The scientifically agreed-upon second best thing to cook in a cast-iron pan is steak. You won’t be able to buy an appropriately sized steak for this endeavor at the grocery store, though. No, you’ll have to ask your butcher for a very special cut. You may be embarrassed. That’s normal and frankly unavoidable. But you can do it! I believe in your ability to ask a relative stranger for a microscopic piece of novelty meat!
Specifically, you want a steak that’s under an inch in size. I mean, I said petite, didn’t I? If you’re feeling fancy, wash your tiny spoon from the Dutch Baby recipe and use it to spoon tiny amounts of melted butter over your steak. Un petit arroser. As a side dish, I recommend frying a single Brussels sprout.
Here’s the very important thing, though. Definitely don’t drop your tiny PUBG frying pan into the open flames. Unfortunately, I wasn’t able to verify what material the frying pan is actually made of. But apparently it’s not truly cast-iron. Because when my tiny PUBG frying pan slipped from my tongs and into the fire, right about the time I started cooking this steak, the patina started to bubble and melt. Then the handle fell off… (The only thing harmed in this incident was the tiny PUBG frying pan, but seriously, don’t try to recreate my experiments at home.)
Needless to say, the steak didn’t turn out great. But hey! Now my battle damaged pan looks like it’s straight from the game.
2. A Few Macs-and-Cheese
You may have noticed the awkward phrasing of this section. “A few macs-and-cheese.” Given our space limitations using the tiny PUBG frying pan, you can really only fit a few macaronis into your pan. Macaroni isn’t easy to make from scratch — so it’s perfectly okay to use store-bought pasta for this recipe, too. Once your pasta is cooked (which should only take a few minutes since there’s, at max, like five of them) you can make your cheese sauce!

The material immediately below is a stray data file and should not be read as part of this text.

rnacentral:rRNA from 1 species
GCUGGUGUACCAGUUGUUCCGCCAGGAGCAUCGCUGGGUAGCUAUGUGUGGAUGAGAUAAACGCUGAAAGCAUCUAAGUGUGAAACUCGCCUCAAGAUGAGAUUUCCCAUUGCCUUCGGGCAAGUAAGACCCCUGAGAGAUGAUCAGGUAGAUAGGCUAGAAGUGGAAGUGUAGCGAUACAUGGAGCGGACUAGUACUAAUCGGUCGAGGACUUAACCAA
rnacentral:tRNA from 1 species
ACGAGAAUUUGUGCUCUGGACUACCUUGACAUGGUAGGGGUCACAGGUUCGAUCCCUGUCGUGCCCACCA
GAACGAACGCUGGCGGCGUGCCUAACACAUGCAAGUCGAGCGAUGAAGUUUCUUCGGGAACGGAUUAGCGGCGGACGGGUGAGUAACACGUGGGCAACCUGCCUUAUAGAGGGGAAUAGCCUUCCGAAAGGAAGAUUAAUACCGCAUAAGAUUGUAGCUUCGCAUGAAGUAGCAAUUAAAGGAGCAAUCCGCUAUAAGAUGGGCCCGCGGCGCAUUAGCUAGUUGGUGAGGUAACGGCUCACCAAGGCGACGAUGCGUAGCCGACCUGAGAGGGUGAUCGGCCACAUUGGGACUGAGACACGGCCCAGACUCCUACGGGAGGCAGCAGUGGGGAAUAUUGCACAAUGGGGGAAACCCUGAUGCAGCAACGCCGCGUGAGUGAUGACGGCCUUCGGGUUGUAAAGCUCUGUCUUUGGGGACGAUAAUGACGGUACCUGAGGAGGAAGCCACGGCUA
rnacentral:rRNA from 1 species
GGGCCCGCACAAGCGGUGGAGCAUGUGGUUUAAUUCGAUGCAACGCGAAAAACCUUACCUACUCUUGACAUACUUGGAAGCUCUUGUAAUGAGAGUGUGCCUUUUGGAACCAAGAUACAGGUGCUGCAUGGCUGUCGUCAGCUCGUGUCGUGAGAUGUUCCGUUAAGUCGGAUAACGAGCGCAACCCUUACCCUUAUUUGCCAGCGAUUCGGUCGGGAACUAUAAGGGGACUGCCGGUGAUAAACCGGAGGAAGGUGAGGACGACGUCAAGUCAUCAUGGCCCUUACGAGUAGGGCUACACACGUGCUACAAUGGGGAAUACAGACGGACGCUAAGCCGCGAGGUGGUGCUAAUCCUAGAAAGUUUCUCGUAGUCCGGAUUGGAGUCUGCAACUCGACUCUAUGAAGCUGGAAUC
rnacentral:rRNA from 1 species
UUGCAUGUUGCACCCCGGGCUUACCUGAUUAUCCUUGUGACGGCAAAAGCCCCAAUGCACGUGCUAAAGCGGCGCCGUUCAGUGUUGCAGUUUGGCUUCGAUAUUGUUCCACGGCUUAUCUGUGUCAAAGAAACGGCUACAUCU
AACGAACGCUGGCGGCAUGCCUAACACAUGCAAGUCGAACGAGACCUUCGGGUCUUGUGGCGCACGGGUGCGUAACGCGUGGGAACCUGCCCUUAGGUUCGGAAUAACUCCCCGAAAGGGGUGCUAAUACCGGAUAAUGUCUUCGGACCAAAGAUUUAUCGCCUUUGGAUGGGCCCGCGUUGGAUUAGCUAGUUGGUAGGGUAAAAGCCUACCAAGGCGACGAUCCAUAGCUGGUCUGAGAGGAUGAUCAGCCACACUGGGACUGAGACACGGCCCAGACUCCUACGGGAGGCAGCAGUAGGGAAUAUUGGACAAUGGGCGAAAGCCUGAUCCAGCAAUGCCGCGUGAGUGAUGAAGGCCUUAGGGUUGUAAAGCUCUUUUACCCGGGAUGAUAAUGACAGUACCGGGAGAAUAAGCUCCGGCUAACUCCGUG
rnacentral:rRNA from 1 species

Use Velveeta cheese — unless you’re a monster — combined with butter and cream. Remember, use tiny pieces or you’ll overflow the pan. Add your macaronis and stir using your tiny spoon. Repeat until you’ve used all your Velveeta cheese.
Because of the steak incident, I wasn’t able to test out macaroni-and-cheese in the tiny PUBG frying pan. Instead, I made macaroni-and-cheese in a real cast iron pan. It was not small, but it was delicious. Thank you for asking.
1. A Chicken Dinner
The most obvious choice for your tiny PUBG frying pan is, of course, the chicken dinner. Thanks to YouTube channel Miniature Cusina, we have instructions on how to make chicken mushroom pasta, which actually uses a tiny PUBG frying pan in the video. It’s so cute! Now I want a tiny stove! And a tiny pepper grinder!
Miniature Cusina’s chicken mushroom pasta does use a lot of ingredients: chicken, mushrooms, garlic, pasta, celery, green onions, cream, tomato sauce… It’s a heckuva lot of work for a single bite that our monster bodies may not even recognize as a true meal. A lot of the process that goes into making the food in the video tiny is performed off-screen, too, so I have some questions. Do you need a tiny knife? How do your large hands operate it?
I may not have all the answers, but please don’t let this stop you from trying. Let the fact that this whole process was probably pretty dangerous stop you, instead. We all deserve a chicken dinner, every now and then. But I can now say from experience that there are easier ways to get one.